The Jew of Malta
by Christopher Marlowe
Pilia-Borza is Bellamira's pimp. True to pimp form, he's all about the stealing, lying and cheating. For a while, it seems like his plot with Bellamira to blackmail Barabas will work out: Pilia-Borza coerces Barabas to fork over a fair bit of money, and, in a really good move, declines Barabas's invitation to dinner. (We're pretty sure that would have ended with a poisoned pimp.)
In any case, you can't play a player, and Pilia-Borza just isn't good enough. A furious Barabas poisons him and his co-conspirators when he sneaks into their house in disguise. True, the poison doesn't kick in until after Pilia-Borza and Bellamira have run to Ferneze with the truth about his involvement in all the recent murders. But we're still calling a moral victory for Barabas.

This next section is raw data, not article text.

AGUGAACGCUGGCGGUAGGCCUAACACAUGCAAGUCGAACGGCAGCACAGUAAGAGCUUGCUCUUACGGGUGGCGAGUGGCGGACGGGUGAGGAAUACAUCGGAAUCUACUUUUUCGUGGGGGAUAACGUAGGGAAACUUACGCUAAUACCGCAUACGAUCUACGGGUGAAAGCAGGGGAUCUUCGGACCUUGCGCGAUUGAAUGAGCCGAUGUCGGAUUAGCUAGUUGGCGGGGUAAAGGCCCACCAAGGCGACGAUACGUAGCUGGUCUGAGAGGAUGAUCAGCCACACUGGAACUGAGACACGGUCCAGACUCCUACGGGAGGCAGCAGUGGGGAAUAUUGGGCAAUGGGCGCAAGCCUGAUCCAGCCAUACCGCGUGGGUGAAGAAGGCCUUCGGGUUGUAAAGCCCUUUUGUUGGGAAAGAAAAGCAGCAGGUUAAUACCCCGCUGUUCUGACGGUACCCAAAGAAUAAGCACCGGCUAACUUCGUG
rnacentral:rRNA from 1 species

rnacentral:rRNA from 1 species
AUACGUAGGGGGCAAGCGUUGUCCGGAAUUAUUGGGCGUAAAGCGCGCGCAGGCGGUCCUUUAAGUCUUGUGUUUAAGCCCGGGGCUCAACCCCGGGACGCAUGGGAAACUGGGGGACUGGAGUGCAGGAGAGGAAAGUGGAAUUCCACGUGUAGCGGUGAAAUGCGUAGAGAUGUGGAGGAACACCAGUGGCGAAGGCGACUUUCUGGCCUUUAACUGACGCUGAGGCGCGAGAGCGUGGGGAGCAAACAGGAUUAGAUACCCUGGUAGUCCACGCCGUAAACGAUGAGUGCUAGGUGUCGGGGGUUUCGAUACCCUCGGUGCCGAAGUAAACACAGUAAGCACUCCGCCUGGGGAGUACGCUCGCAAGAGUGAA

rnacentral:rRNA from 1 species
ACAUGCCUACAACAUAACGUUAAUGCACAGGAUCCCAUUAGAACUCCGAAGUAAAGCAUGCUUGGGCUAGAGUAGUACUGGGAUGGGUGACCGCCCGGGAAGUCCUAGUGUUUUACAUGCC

But who is Pilia-Borza? What does he want? We don't get too many clues, except for this one hint that he drops on his way over to Barabas's house. Pilia-Borza says of Barabas that he'll "use him in his kind," where "in his kind" roughly translates to "as he deserves."
So, does Pilia-Borza mean "I'll go be a jerk to Barabas because he's a Jew"? Or does he mean, "I'm going to go be extra-cunning and wily because I'm dealing with a fellow schemer"? If the second one is the case, we'd think that Pilia-Borza and Barabas are of the same "kind."